While we welcome those of you who just read our postings, we hope that most of you are squeezing everything out of that you can to build a strong labor-management process. Here are just five ways you could use our blog no matter which side of the bargaining table you sit on.

  1. To keep yourself up to date on the latest case law developments coming out of FLRA, MSPB, FSIP and EEOC, among others? Unless you are willing to pay hundreds of dollars for one of the private services that do this, is your best bet.  If you are a union leader you should have all your stewards sign up as well. Ditto for those who sit on the agency side of the table.
  2. To pass on certain stories to all union members.  The more members know about their rights and see how other employees like them have succeeded enforcing their rights, the more they will understand the value of a union—and join.  American retailers succeed not just by building big, attractive stores, but by flooding consumers with advertising that puts them face-to-face with a product they personally need.  In contrast, too many unions waste their advertising money and reader’s patience with stories and pictures about the union’s leaders and remote, almost unachievable, far-down-the-road goals.  As soon as Macys and Walmart start filling advertising circulars with stories and pictures about what their CEO’s did last week and focusing the consumer on the corporation’s strategic goals rather than the availability of deep-discounted dishes we will rethink our judgment about how “wasteful” some unions have been.  For example, do you think your average member know they can get religious comp leave to attend church conventions?  Union leaders should feel free to shameless copy and post some of our stories on their own web sites or including a link to one each week in an e-mail sent out to all unit members.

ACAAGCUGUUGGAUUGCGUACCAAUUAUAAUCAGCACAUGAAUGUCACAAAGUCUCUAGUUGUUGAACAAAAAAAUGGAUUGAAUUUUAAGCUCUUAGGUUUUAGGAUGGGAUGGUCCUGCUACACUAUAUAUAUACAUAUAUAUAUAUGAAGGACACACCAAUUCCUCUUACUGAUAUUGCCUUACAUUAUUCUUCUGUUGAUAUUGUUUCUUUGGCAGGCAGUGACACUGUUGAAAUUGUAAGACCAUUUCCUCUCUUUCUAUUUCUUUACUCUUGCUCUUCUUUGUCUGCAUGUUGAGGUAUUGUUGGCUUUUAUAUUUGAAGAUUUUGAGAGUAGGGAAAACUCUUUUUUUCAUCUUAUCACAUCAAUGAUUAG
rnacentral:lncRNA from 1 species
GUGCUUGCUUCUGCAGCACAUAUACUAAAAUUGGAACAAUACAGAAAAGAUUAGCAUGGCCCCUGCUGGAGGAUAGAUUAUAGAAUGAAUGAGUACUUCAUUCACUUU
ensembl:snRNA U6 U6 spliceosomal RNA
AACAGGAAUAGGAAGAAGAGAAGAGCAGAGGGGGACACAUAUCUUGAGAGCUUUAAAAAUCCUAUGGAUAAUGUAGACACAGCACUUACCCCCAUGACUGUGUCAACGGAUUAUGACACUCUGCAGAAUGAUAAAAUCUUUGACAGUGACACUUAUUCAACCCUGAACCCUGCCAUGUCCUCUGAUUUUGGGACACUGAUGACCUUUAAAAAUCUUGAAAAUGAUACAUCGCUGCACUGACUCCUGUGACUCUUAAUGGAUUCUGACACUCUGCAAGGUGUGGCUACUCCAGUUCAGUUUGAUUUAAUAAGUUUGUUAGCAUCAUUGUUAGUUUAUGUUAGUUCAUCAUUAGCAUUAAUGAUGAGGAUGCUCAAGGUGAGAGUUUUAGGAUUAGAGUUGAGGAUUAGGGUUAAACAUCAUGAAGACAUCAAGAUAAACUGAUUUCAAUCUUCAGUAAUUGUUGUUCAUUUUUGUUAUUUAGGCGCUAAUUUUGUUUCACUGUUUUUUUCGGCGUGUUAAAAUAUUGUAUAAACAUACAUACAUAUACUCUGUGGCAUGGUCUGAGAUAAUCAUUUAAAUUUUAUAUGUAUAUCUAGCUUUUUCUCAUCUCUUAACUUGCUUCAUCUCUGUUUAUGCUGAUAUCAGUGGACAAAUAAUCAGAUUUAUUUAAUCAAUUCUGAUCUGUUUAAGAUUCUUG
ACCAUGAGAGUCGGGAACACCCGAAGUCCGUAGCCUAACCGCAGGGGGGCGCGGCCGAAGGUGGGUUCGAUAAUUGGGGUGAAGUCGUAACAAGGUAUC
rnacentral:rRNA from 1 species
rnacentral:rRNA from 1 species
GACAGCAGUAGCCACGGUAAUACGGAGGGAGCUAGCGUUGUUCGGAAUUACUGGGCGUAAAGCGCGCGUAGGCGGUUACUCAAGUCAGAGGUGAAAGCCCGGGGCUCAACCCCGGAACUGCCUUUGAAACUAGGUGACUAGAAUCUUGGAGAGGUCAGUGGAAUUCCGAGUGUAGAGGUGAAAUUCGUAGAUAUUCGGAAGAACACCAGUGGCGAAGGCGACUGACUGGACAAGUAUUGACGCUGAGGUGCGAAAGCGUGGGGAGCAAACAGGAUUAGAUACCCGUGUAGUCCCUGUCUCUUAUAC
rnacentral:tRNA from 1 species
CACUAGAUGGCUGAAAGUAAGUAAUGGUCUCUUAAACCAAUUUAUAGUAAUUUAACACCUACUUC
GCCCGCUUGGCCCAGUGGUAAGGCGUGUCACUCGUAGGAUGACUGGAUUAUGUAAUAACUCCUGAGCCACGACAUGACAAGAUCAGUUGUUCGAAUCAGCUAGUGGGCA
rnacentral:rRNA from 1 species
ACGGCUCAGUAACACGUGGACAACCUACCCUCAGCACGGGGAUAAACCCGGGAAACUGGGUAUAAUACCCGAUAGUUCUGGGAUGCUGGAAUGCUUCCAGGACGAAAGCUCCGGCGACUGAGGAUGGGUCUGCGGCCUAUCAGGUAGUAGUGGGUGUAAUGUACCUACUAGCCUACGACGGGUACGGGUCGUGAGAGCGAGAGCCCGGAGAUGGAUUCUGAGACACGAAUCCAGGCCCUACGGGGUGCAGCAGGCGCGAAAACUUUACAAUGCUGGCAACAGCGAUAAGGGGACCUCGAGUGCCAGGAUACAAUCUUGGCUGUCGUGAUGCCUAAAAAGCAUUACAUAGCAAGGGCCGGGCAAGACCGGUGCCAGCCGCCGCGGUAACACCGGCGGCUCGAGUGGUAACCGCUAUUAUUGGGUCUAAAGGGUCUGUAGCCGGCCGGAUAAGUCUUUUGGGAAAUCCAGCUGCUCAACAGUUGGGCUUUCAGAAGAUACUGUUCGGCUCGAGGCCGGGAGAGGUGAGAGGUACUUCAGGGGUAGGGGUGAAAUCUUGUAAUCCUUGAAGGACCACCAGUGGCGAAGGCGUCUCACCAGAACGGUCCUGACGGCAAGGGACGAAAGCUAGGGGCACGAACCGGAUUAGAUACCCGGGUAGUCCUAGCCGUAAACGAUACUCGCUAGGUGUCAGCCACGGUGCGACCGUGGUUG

3. (LR Specialists should consider passing on to line managers those stories that address issues they face throughout the year, e.g., FMLA issues, disability dilemmas, USERRA questions, etc.)
  4. To keep track of what might need to change. While it likely is a bit “preachy” of us, there are a number of things that leaders on both sides of the LR community should consider doing differently.  A big chunk of the FLRA and MSPB case law is still so overformal and pretentious that it is almost impossible for practitioners to apply it with confidence—and that costs the government millions. We are not shy about writing about those things, e.g., on attorney fees, possible back pay abuses, etc.  Nor are we comfortable letting abuses pile up until the anti-federal employee members of Congress have a ready-made folder of horror stories to whip up public sentiment for a cut in federal employee benefits.
  5. To research an issue, particularly when you need information that might not be on an agency web site. For example, we try to post copies of the latest master collective bargaining agreements from key bargaining units to help readers see what is going on elsewhere. For example, we just posted the latest NATCA-FAA contract.  You can find these by clicking on the menu button titled, “Compare Contracts.” Similarly, if you are about to get involved in a grievance, perhaps dealing with merit promotions, check out our “Topics” block on the right side of our home page for an index to related postings.
  6. To learn about what the more creative folks in the federal LMR community are doing, whether it is novel training tools, web sites, executive board practices, membership recruiting, etc.

If there are other things we can do, just send us an e-mail.

About AdminUN

FEDSMILL staff has over 40 years of federal sector labor relations experience on the union as well as management side of the table and even some time as a neutral.
This entry was posted in Other and tagged . Bookmark the permalink.

Leave a Reply

Your email address will not be published. Required fields are marked *

This site uses Akismet to reduce spam. Learn how your comment data is processed.